AI Breakthrough: Predicting Sudden Cardiac Death and Saving Lives
A groundbreaking study on predicting sudden cardiac death using artificial intelligence (AI) has given rise to the possibility of saving lives and advancing global health strategies. Initial research, set to be presented at the American Heart Association’s Resuscitation Science Symposium 2023 in Philadelphia, highlights the potential of AI in identifying high-risk individuals and preventing sudden cardiac death.
Sudden cardiac death poses a significant public health burden, accounting for 10% to 20% of all deaths. Traditional approaches to predicting such events often fail to accurately identify individuals at risk, particularly on an individual level. However, this new study proposes an innovative approach that looks beyond standard cardiovascular risk factors and takes into account all available medical information from electronic health records.
Led by Dr. Xavier Jouven, a professor of cardiology and epidemiology at the Paris Cardiovascular Research Center, the research team utilized AI to analyze medical information from registries and databases in Paris, France, and Seattle. The data comprised 25,000 individuals who had experienced sudden cardiac arrest and 70,000 individuals from the general population, with matching age, sex, and residential area. In total, over 1 million hospital diagnoses and 10 million medication prescriptions were included in the analysis, covering a period of up to ten years prior to each death.
The AI analysis involved building approximately 25,000 equations using personalized health factors to identify individuals at high risk of sudden cardiac death. Furthermore, the researchers developed a customized risk profile for each participant in the study. By considering various medical details such as treatment for high blood pressure, history of heart disease, and mental and behavioral disorders like alcohol abuse, the AI system could identify factors that would increase or decrease the risk of sudden cardiac death within a specific timeframe. For example, the analysis could indicate an 89% risk of sudden cardiac death within three months.
Remarkably, the AI analysis successfully identified individuals with a more than 90% risk of sudden cardiac death, accounting for over one-fourth of all cases.
Dr. Xavier Jouven expressed surprise at the level of accuracy achieved by the study, stating, We have been working for almost 30 years in the field of sudden cardiac death prediction, however, we did not expect to reach such a high level of accuracy. We also discovered that the personalized risk factors are very different between the participants and are often issued from different medical fields. Jouven emphasized that while medical treatments to address risk factors exist, the use of AI is crucial to identify a series of medical information over time that corresponds to an increased risk of sudden cardiac death. The hope is that with a personalized list of risk factors, patients can work with their healthcare providers to reduce these risks and ultimately decrease the likelihood of sudden cardiac death.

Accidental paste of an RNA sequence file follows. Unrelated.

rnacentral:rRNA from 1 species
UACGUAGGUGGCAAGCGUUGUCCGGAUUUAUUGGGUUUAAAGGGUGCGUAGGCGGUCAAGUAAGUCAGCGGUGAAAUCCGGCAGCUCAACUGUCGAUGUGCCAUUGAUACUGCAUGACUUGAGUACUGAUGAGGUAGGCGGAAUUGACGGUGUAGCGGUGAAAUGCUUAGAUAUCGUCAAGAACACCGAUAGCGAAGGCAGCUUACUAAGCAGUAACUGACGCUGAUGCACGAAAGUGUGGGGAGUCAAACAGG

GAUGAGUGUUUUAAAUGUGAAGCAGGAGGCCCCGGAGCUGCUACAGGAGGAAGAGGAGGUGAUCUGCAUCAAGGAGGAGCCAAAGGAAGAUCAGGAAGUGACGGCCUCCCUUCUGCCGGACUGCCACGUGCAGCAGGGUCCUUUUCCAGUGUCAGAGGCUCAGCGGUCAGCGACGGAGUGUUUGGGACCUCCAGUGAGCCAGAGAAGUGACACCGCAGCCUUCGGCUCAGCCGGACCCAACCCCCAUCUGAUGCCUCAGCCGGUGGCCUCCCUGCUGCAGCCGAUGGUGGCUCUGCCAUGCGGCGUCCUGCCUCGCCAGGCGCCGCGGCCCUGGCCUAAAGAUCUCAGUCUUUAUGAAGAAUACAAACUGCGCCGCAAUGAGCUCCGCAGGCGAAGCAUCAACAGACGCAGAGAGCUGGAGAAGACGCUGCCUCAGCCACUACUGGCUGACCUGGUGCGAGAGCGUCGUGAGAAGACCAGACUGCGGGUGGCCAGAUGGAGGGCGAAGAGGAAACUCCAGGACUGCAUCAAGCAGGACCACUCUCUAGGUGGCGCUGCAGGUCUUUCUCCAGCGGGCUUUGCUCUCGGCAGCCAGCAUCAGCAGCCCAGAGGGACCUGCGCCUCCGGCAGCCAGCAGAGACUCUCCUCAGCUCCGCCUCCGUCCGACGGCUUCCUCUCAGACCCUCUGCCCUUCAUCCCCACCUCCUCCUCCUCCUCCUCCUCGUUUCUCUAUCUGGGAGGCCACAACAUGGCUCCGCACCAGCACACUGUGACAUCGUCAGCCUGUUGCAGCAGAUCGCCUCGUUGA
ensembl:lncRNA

Although the study presents promising findings, there are limitations to consider. These include the applicability of the prediction models beyond this specific research and the potential differences in medical data collected among countries, requiring adaptation of the models.
The potential impact of AI in predicting and preventing sudden cardiac death cannot be understated. By harnessing the power of AI and leveraging comprehensive medical data, healthcare providers may be able to intervene earlier, saving lives and improving global health outcomes. The convergence of AI and cardiovascular medicine paves the way for a future where proactive strategies and personalized risk reduction can significantly reduce the global burden of sudden cardiac death.